Active Learning Strategy #3: Musical Chairs
The third active learning strategy is Musical Chairs, and I learned this from Laura Buonadonna, who helped create The Virtual Classroom Survival Guide. This is another great, simple way to get our students moving, and it can also be adjusted for any content you are teaching.
Find your catchiest music for this one! Each student stands and marches around their chair while the music plays. When it stops, they sit in their chairs and get their white board or a sticky note. The teacher shows a prompt like a dot card. The students would write that number on their white board or paper and hold it up.
Similarly to Show Me, students get immediate feedback and can self-correct. Dr. Jean also points out that this strategy is wonderful for developing executive functioning. This game requires students to start and stop a task on demand. They get this extra practice of task initiation and task completion, which helps them learn to self-regulate. This skill may not be a content skill, but it is vital in our learners’ ability to be successful in school.
The Virtual Classroom Survival Guide
Now, here’s more about the book I mentioned earlier! Three teachers and I teamed up to create a guide to help you teach virtually. Good news – it emphasizes active learning! Yes friend, we’ll show you exactly how to make active learning possible whether you see your learners face to face or over a screen.
The book is divided into four sections. The first section, Ready, will enable you to make connections and build relationships. It can be done, even in distant learning. Engaging your students’ families has never been more important. We show how to encourage families to buy in to this new mode of learning. They contribute in a big way when students learn virtually, and this guide explains how families can support their children.
The second section gives you tools to help your students. We share how to support emotional literacy, use visual cues, and make your teaching intentional. As primary teachers, we understand that we are entrusted with the whole child. Now, more than ever, they need emotional support. Even if you can’t give in person hugs, you can still help them through this difficult time.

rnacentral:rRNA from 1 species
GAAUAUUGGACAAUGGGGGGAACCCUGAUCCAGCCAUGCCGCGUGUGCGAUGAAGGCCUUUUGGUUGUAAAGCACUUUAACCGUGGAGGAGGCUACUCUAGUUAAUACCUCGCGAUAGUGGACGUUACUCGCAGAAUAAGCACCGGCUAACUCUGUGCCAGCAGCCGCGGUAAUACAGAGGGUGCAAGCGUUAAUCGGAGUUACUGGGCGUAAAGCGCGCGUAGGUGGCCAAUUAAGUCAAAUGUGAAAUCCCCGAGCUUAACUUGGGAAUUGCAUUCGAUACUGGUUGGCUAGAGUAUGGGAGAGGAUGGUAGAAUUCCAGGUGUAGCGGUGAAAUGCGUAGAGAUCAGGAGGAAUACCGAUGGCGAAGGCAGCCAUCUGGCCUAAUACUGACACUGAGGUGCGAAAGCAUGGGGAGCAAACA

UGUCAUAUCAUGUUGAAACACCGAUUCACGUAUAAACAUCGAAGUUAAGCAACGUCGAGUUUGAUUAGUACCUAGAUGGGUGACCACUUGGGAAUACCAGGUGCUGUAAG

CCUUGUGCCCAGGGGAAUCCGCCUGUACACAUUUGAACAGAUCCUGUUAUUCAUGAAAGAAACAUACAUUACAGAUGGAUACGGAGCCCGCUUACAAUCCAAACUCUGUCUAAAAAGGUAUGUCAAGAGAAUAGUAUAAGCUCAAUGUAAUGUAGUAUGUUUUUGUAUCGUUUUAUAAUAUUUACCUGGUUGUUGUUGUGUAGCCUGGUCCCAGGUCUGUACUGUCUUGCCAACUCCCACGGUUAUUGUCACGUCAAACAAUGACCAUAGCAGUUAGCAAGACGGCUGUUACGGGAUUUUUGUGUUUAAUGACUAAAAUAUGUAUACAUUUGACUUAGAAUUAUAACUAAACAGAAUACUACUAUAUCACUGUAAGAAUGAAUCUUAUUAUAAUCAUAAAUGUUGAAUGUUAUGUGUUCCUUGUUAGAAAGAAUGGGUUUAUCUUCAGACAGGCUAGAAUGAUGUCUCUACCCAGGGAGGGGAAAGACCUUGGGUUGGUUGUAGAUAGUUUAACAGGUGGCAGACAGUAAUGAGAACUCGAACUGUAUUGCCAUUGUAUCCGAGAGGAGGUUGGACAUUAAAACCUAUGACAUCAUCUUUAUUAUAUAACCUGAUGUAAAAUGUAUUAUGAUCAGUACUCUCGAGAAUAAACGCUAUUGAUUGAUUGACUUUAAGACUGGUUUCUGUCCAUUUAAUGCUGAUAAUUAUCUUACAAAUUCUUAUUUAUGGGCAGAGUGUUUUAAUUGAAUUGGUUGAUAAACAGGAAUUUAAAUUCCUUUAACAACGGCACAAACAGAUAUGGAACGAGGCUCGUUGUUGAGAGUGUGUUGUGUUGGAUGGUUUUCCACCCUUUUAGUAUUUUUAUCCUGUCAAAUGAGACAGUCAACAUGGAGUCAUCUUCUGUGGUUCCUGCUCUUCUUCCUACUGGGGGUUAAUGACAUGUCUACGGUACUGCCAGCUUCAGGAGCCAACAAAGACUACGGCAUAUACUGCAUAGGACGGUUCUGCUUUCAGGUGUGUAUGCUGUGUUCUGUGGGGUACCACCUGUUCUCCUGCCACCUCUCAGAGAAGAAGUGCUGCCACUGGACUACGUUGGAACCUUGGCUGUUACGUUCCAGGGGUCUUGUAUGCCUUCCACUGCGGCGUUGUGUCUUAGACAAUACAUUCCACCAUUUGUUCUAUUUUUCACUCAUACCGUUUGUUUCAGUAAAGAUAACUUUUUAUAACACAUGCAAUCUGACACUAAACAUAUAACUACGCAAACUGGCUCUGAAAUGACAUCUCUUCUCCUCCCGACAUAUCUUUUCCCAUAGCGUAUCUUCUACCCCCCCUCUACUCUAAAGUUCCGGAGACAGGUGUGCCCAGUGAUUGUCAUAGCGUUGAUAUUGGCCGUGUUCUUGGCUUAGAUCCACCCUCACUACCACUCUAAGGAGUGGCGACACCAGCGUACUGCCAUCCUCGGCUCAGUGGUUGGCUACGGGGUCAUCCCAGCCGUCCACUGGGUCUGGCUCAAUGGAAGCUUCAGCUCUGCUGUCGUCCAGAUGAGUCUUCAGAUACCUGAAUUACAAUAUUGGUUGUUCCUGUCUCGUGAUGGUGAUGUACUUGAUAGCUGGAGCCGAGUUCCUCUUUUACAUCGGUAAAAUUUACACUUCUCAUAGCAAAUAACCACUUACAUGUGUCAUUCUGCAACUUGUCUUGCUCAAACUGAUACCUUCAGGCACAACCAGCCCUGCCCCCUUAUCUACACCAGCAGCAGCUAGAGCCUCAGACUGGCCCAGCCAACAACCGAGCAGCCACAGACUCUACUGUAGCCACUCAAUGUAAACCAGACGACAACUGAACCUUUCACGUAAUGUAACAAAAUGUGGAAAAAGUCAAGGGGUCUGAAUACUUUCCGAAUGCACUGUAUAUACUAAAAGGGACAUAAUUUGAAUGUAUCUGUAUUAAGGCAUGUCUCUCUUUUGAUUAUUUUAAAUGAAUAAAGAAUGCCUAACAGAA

The third section is Go, and it provides instructional and content ideas. Just because all your students aren’t in one place doesn’t mean your teaching can’t be engaging! We share tips and ideas for activities that will activate your students’ minds more than just taps and swipes.
Just for Fun
Just for Fun is the last section. Can you guess what it’s about? 🙂 The current state of the world doesn’t take away the need to help students develop good memories and a feeling of security that is so important in early childhood. From themed Fridays to show and tell virtually, there are ways to build a sense of community and share joy. We’ll help you do that.
You can check out this guide stuffed to the brim with goodies right HERE.
You Can Rise to the Challenge!
This school year isn’t going to look the way we’d dream it to be. We can’t change that, but we can control the experience our students have during this year. It may be one of the most memorable years of their childhood for painful reasons. Let’s give them some good memories to go with the invaluable content learning we will provide.
The teacher adds the magic. You can take anything and with your positive attitude and your enthusiasm, you’re going to make the kids love it.– Dr. Jean
Isn’t that true? Our students look to us for tone and attitude. If we show up engaged and ready to bring them along the education journey, they’ll show up with us. We can do this, friend. I believe in you, because you are a difference maker!
Have some suggestions for active learning that work in your classroom? Looking to join an engaged community of primary teacher friends? Hop over to our Facebook group and request to join HERE!